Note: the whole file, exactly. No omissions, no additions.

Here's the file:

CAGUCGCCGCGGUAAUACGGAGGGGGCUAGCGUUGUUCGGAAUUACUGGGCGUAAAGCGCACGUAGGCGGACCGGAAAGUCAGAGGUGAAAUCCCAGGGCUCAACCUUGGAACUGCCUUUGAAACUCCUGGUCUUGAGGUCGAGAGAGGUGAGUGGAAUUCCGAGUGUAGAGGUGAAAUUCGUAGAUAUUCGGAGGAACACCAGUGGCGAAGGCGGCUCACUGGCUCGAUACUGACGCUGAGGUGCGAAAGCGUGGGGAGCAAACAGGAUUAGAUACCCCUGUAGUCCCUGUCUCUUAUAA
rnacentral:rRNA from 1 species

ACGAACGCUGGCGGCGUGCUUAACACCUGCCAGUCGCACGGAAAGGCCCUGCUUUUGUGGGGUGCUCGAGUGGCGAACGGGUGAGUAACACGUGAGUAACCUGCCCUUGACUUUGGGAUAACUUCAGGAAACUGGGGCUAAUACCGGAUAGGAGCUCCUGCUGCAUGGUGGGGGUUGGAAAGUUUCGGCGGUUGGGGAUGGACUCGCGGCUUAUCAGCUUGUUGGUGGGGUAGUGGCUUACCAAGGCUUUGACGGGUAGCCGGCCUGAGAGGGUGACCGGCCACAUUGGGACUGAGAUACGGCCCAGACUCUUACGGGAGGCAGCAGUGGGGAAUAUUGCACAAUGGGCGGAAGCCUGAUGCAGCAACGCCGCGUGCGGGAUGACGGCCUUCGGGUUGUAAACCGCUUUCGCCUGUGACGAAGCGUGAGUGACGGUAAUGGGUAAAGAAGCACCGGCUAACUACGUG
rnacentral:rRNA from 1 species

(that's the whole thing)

CAGUCGCCGCGGUAAUACGGAGGGGGCUAGCGUUGUUCGGAAUUACUGGGCGUAAAGCGCACGUAGGCGGACCGGAAAGUCAGAGGUGAAAUCCCAGGGCUCAACCUUGGAACUGCCUUUGAAACUCCUGGUCUUGAGGUCGAGAGAGGUGAGUGGAAUUCCGAGUGUAGAGGUGAAAUUCGUAGAUAUUCGGAGGAACACCAGUGGCGAAGGCGGCUCACUGGCUCGAUACUGACGCUGAGGUGCGAAAGCGUGGGGAGCAAACAGGAUUAGAUACCCCUGUAGUCCCUGUCUCUUAUAA
rnacentral:rRNA from 1 species

ACGAACGCUGGCGGCGUGCUUAACACCUGCCAGUCGCACGGAAAGGCCCUGCUUUUGUGGGGUGCUCGAGUGGCGAACGGGUGAGUAACACGUGAGUAACCUGCCCUUGACUUUGGGAUAACUUCAGGAAACUGGGGCUAAUACCGGAUAGGAGCUCCUGCUGCAUGGUGGGGGUUGGAAAGUUUCGGCGGUUGGGGAUGGACUCGCGGCUUAUCAGCUUGUUGGUGGGGUAGUGGCUUACCAAGGCUUUGACGGGUAGCCGGCCUGAGAGGGUGACCGGCCACAUUGGGACUGAGAUACGGCCCAGACUCUUACGGGAGGCAGCAGUGGGGAAUAUUGCACAAUGGGCGGAAGCCUGAUGCAGCAACGCCGCGUGCGGGAUGACGGCCUUCGGGUUGUAAACCGCUUUCGCCUGUGACGAAGCGUGAGUGACGGUAAUGGGUAAAGAAGCACCGGCUAACUACGUG
rnacentral:rRNA from 1 species